A Beginner's Guide to Racial Bias. And a Challenge.
I recently posted on Facebook that I have been through a years-long process of unlearning my inherited behaviors and attitudes about race in the United States. Here's what I said:
I have been scared of Black men for no reason. I have thought that affirmative action hurts White people. I have thought that racism means overt violence or discrimination and that, therefore, I am not racist. I have thought that I can't be racist because I have Black friends. I have used Black colloquialisms when I want to be "sassy." I have made negative assumptions about people from pretty much every ethnic or racial background. For too long, I was blissfully unaware of the breathtaking inequalities in access to things like education, healthcare, housing, fair treatment under the law, basic dignity.
It is embarrassing to type this out, but it needs to be said. I have spent nearly 15 years unlearning things that I thought were true about history and about myself. And I'm still working on it.
That's why, if you want to learn about racial bias, I think I can be a good resource. I've been through the unlearning process myself.
So, if you're interested in learning more, or in teaching your kids differently so that they don't have to unlearn it, let's chat. I have so many articles saved that I've found personally helpful.
If you were surprised to see the bold, violent, unmasked faces of White Supremacy on full display in Charlottesville, let's talk, let's learn together, and let's get to work.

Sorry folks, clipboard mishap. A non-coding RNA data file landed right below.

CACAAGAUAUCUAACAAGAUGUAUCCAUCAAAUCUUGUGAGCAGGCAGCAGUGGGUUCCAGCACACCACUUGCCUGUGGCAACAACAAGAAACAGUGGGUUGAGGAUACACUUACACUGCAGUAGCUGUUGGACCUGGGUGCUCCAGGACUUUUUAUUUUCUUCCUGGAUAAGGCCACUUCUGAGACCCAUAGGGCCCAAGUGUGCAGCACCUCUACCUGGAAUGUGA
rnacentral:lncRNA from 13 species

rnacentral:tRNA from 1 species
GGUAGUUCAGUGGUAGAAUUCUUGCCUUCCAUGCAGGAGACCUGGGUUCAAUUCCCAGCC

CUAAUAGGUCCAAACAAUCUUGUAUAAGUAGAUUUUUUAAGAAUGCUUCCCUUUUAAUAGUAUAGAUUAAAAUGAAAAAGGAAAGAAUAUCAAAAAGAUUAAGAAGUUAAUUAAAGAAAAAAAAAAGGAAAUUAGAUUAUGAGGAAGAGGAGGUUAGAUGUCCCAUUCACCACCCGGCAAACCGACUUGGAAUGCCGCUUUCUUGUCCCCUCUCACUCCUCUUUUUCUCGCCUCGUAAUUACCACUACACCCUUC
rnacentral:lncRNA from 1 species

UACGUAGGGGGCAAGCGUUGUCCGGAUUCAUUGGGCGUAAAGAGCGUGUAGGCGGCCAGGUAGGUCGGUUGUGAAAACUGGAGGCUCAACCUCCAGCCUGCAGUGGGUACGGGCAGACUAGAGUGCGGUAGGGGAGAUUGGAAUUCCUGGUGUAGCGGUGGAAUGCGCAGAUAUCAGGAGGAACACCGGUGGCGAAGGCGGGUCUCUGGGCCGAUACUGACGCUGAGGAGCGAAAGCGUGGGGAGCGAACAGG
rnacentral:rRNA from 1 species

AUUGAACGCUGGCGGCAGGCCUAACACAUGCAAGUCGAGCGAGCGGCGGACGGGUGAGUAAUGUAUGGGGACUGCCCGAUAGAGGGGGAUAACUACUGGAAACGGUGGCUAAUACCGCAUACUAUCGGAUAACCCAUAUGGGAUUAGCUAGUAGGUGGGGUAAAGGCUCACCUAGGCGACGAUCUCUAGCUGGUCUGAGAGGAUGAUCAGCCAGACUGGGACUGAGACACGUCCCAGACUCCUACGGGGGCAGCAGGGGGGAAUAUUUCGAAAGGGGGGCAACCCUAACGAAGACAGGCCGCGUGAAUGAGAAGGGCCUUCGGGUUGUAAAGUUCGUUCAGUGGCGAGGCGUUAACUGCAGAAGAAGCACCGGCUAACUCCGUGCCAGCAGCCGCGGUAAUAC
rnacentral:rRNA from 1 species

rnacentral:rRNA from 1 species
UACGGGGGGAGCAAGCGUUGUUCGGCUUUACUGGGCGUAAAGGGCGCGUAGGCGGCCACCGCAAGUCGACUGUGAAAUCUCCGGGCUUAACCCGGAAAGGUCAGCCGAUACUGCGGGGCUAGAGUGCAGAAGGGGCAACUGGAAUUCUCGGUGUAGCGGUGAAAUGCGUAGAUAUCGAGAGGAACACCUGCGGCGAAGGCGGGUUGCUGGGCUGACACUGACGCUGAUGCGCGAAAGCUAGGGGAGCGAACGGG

After several people contacted me about resources, I figured it might be helpful to compile a list. About three years ago, I realized I could "save" articles on Facebook, so I scrolled back through everything I had saved, and there were over 60 articles on race. Here they are.
And here's your challenge: Scroll through and read the titles. Select 5 to read. Think about them for a few days. And then talk to somebody about them. The process of unlearning commonly held "truths" and coming to terms with our biases is long and slow, but absolutely critical. People's lives depend on it.
1. This is meant for White people. PoC know the data and stories in these articles all too well.
2. I couldn't access any of the articles I had saved from the Washington Post because you have to pay now. There were some good ones.
3. This is NOT an exhaustive resource. It is a sampling of what one person has found helpful. There are many other resources out there if you want to delve deeper.
4. The articles in this list are the ones that most clearly pertained to race, and, in particular, to White people's perceptions of Black people.
5. The articles are not organized or listed in any particular order.